“We have nine people who drive the company, but we recently boosted that from nine to 20,” he said. “I specifically created 10 positions for ExCom Y. These positions are for Millennials only, five young men and five women.”

The 10 ExCom Y members joined the ExCom’s two-and-half-week “Grand Tour of Asia” to meet colleagues, hotel owners and key partners in Thailand, Malaysia, Vietnam, Philippines and Indonesia, with the tour wrapping up this week on Wednesday (Sept 6).

The ExComY members are from around the globe and at the heart of Mövenpick’s drive to create brand awareness and presence online.

“One of them works as a front desk member in Pattaya. I have another guy in Karachi, and another guy in Dubai. There are six from the company and four from outside,” Mr Chavy explained.

“Do you think they would let me not be social-media oriented? These kids really push hard on the digital front and we had to create some key positions lately thanks to this ExComY and to these young leaders of the company,” he said.

Social media was “driving everything”, Mr Chavy revealed, noting that the new domain reigned on “the corporate level and regional level”.

Critical to successful management of digital strategies were the setting of only “guidelines” and empowering company representatives to adjust and respond appropriately to whatever the regional and situational factors required, he explained.

“You can’t frame digital interaction today, because I would not speak to you the way I would speak to him and him and him,” Mr Chavy said, pointing around the room.

“If you frame it, you become ‘corporate digital’ – and it goes nowhere. The staffer in Bangkok knows better than me how to speak to you, based in Bangkok and running a global business. So it’s framed in terms of branding and guidelines – and that’s it,” he said.

The rapid pace of technological innovation was also shaping the changing face of guest interaction at a very personal level, Mr Chavy noted.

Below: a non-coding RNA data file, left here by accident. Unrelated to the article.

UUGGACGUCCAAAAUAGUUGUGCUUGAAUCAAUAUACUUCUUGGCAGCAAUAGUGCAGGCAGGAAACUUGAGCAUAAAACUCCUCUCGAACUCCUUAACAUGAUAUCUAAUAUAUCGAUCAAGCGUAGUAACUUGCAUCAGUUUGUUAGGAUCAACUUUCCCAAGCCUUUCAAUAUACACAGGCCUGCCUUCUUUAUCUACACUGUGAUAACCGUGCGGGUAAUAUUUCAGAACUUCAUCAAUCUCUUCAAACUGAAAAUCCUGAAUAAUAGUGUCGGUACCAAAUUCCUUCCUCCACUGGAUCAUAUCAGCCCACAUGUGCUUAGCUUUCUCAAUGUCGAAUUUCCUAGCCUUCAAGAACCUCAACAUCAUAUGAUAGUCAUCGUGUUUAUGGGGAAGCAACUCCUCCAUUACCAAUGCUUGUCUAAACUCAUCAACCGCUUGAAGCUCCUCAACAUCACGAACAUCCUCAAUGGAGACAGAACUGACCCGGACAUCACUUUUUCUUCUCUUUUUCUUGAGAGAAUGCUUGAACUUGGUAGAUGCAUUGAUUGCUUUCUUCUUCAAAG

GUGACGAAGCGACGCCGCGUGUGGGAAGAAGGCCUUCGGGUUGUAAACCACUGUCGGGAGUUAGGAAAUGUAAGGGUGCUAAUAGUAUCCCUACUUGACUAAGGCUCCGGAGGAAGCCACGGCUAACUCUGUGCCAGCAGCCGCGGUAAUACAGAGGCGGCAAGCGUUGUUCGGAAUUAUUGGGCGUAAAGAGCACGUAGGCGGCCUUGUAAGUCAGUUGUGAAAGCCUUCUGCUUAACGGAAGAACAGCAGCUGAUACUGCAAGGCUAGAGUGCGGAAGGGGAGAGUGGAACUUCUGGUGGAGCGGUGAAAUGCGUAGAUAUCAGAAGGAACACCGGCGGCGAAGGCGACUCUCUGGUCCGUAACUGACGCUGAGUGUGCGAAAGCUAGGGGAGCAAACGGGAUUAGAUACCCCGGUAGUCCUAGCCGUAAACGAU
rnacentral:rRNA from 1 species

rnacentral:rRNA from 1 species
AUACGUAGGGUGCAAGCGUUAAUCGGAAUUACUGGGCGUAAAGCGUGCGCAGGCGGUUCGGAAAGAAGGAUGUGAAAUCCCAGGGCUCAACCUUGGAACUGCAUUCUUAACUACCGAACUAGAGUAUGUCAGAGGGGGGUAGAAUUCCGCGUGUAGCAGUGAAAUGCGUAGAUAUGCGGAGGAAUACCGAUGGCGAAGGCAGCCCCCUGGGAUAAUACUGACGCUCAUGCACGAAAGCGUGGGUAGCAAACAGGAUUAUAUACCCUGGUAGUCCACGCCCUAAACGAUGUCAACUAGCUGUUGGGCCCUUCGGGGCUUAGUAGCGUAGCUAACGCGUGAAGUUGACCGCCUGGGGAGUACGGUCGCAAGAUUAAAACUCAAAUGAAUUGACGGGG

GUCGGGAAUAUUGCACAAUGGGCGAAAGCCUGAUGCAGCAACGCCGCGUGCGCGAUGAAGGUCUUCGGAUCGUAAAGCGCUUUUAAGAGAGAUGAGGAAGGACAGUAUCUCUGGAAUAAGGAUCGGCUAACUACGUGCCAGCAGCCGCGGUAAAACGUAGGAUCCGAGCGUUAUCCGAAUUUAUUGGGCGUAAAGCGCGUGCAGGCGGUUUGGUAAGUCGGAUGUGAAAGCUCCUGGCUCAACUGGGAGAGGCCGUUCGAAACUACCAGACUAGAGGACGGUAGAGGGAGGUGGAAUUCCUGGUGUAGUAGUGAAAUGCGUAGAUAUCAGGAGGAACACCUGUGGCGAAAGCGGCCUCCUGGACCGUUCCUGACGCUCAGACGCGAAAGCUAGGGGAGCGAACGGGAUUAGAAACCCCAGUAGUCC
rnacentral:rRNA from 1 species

“We are using geosocial software,” explained Andrew Langdon, Chief Development Officer and Mövenpick’s Senior VP Asia.

“What this does is that at within a defined area of our hotel in real time we capture anything anyone posts on Facebook and Instagram and some other social media websites that mentions the word ‘Mövenpick’

“So we have a guest who takes an Instagram shot around the pool – saying it is a hot day I would love some ice cream... our social media people who are sitting here see it in real time and then can send a message back... We empower them,” he said.

“We’ve actually had this, and had a staffer turn up and say here is your vanilla ice cream. We are trialling this in three hotels – in a Pattaya hotel, in a Phuket hotel and in one of our hotels in Dubai,” Mr Langdon said.

The benefits of such service are compelling, Mr Chavy added.

One woman recently posted on Instagram a photo saying how much she loved the sushi she was eating.

“She got back to her room and there was a knock on her door – and here’s your sushi,” Mr Chavy recounted.

“She then took a photo of that and said, ‘Wow - that is service!’ What was the cost of that? A couple of dollars? This woman shared it on Instagram, where she has 25,000 followers, and that’s not counting the Likes she got,” he added,

“We are one of the first hotels in Phuket to run this geosocial software and it takes it to the next level. This is changing so fast, and that’s when ExComY members – all under the age of 30 – are telling us what the future is,” Mr Langdon noted.

“And the beauty of Movenpick is that because we are not a large monster like many of our actual competitors are, we can react very very fast – and that is what we are doing: we are trying to get ahead of the pack by innovating,” he added.

The Phuket News thanks Delivering Asia Communications for the opportunity to exclusively interview Mr Chavy and Mr Langdon.